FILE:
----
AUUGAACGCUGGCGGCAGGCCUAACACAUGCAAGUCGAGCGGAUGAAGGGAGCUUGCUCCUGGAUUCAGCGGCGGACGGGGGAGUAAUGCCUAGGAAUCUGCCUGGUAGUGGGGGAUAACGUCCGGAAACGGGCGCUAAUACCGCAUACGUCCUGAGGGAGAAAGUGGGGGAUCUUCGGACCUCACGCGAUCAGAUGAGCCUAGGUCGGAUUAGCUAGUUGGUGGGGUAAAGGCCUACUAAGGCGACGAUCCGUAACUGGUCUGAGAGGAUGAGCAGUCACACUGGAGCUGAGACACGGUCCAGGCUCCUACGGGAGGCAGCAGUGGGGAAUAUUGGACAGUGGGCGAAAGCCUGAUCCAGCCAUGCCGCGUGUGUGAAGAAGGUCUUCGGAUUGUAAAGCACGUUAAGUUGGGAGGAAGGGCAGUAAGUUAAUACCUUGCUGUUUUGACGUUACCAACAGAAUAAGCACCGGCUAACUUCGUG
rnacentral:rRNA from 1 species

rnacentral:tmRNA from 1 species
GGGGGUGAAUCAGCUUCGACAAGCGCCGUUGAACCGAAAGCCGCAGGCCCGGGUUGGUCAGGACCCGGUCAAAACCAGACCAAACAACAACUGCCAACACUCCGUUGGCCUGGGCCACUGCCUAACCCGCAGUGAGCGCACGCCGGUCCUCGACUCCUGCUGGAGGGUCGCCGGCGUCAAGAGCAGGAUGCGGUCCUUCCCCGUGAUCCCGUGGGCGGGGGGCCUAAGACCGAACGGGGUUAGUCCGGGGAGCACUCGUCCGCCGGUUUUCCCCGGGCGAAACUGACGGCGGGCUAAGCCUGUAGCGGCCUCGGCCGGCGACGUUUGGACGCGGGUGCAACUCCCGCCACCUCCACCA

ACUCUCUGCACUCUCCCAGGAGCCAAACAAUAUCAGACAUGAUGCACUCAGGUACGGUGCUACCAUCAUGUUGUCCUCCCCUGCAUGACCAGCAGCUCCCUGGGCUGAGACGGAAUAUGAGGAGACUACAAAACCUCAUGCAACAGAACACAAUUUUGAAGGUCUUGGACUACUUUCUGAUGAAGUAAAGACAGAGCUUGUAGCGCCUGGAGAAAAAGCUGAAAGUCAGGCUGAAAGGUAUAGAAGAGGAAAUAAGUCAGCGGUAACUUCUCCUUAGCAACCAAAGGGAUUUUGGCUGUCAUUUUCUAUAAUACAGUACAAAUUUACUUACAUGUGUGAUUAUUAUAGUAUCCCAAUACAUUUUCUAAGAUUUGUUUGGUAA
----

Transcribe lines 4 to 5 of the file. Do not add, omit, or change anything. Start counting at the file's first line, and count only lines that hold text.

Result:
GGGGGUGAAUCAGCUUCGACAAGCGCCGUUGAACCGAAAGCCGCAGGCCCGGGUUGGUCAGGACCCGGUCAAAACCAGACCAAACAACAACUGCCAACACUCCGUUGGCCUGGGCCACUGCCUAACCCGCAGUGAGCGCACGCCGGUCCUCGACUCCUGCUGGAGGGUCGCCGGCGUCAAGAGCAGGAUGCGGUCCUUCCCCGUGAUCCCGUGGGCGGGGGGCCUAAGACCGAACGGGGUUAGUCCGGGGAGCACUCGUCCGCCGGUUUUCCCCGGGCGAAACUGACGGCGGGCUAAGCCUGUAGCGGCCUCGGCCGGCGACGUUUGGACGCGGGUGCAACUCCCGCCACCUCCACCA

ACUCUCUGCACUCUCCCAGGAGCCAAACAAUAUCAGACAUGAUGCACUCAGGUACGGUGCUACCAUCAUGUUGUCCUCCCCUGCAUGACCAGCAGCUCCCUGGGCUGAGACGGAAUAUGAGGAGACUACAAAACCUCAUGCAACAGAACACAAUUUUGAAGGUCUUGGACUACUUUCUGAUGAAGUAAAGACAGAGCUUGUAGCGCCUGGAGAAAAAGCUGAAAGUCAGGCUGAAAGGUAUAGAAGAGGAAAUAAGUCAGCGGUAACUUCUCCUUAGCAACCAAAGGGAUUUUGGCUGUCAUUUUCUAUAAUACAGUACAAAUUUACUUACAUGUGUGAUUAUUAUAGUAUCCCAAUACAUUUUCUAAGAUUUGUUUGGUAA